Monday, April 22, 2013

Review: Enoch's Device by Joseph Finley

Synopsis (from back of book). Nearly a thousand years after the birth of Christ, when all Europe fears that the world will soon end, an Irish monk, Brother Ciarán, discovers an ominous warning hidden in the illuminations of a religious tome. The cryptic prophecy speaks of Enoch’s device, an angelic weapon with the power to prevent the coming apocalypse.

Pursued by Frankish soldiers and supernatural forces, Ciarán and his freethinking mentor, Brother Dónall, journey to the heart of France in search of the device. There, they rescue the Lady Alais from a heretic-hunting bishop who insists mankind must suffer for its sins. Together, the trio races across Europe to locate the device, which has left clues of its passage through history. But time is running out, and if they don’t find it soon, all that they love could perish at the End of Days.

Enoch’s Device is a fast-paced medieval adventure steeped in history, mythology, and mysteries from a dark and magical past.

Richi's Review: In full disclosure I won this book in a Goodreads Giveaway.

This book is a blend of historic fiction, fantasy, action thriller, mystery and apoplectic themes. While trying to be all of these genres makes it interesting and more original, it overreaches and suffers from the fact that it never fully realizes any of them because it is pulled back by one of the others.

For example while some parts are historic fiction it loses a lot of realism because it is also a fantasy with magical elements, conversely the fantasy never feels like a special other world because it is also a historical fiction. As part of the same problem, the genres also lack some depth, for example we are told a little about the magic system, but it never goes into as much details as other fantasy books, because it has to move on with the other parts of the story.

The different genres aren’t really integrated, and most of the time a chapter will have the feel of just one of them rather than a blend of two or more.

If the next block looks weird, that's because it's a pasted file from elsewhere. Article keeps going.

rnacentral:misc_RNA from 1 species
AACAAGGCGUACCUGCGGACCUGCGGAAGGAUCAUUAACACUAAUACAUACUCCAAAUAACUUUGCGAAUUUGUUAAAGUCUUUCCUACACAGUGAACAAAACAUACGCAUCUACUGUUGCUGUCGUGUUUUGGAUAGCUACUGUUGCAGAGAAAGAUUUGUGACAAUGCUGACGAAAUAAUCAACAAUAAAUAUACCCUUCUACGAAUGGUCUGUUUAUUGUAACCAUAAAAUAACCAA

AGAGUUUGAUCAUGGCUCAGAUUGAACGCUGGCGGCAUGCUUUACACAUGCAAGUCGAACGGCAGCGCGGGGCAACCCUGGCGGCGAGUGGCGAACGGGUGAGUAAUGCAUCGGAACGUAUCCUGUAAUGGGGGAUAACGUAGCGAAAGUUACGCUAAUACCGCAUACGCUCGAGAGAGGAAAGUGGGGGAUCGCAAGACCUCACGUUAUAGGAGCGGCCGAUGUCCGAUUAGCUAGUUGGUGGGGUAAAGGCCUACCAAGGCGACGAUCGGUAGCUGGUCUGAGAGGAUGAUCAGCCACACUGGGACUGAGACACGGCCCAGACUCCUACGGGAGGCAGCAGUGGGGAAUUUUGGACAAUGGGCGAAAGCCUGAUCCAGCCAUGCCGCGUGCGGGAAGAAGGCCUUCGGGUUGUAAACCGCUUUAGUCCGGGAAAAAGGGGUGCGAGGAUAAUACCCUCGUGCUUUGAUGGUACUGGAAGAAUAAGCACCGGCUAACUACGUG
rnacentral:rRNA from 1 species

I thought the thriller/mystery was well written; it had the feel of a Dan Brown novel that is set in a historical/fantasy world.

The pacing is nice and fast, and the story stays exciting and interesting throughout.

There were times were I felt the magical abilities of the characters was too powerful, especially early on in the book. This meant it never felt that the characters were in danger because they always had their magic to save them. Later in the book it was less of a problem as they were facing more powerful opponents.

There were some moments that were hard to believe, for example near the start of the book, a group of monks decide to fight some soldiers (under the command of a bishop), and to me this didn’t seem very monk-like, especially as the soldiers weren’t acting too badly. I also felt it was somewhat unrealistic that, other than the main antagonists, no-one had a problem with the main characters using magic.

The characters were okay, Brother Ciaran was interesting with a strong personality, but I did think he didn’t think or acted like a monk. He didn’t have much of a problem with killing or hurting people, he also didn’t seem to think much was wrong with the thoughts and feelings he had for Alais.

Alais was an interesting character; she was a good blend of a strong but vulnerable female who is held back by the trappings of the times.

I feel that this book is borderline adult only due to some scenes of a sexual nature, although it maybe okay for the older end of a young adult (sixteen or seventeen and older).

I really enjoyed “historical notes” at the end of the book, it lists the inspiration the author had from real events as you would expect, but he also admits where he has changed facts to make for a more interesting story, this honesty is why I decided to give the book a full four stars instead of three and a half.

Overall this was a good book, which was an interesting mixture of historical fiction, fantasy, action thriller, mystery and apoplectic themes. But by trying to be a jack-of-all-trades it becomes a master of none. It doesn’t have the depth a book has when it focuses on just one of these genres and at times it is hurt by being pulled in different directions by these different ideas. Still it was an exciting and interesting read.

rating: (4 stars)

No comments:

Post a Comment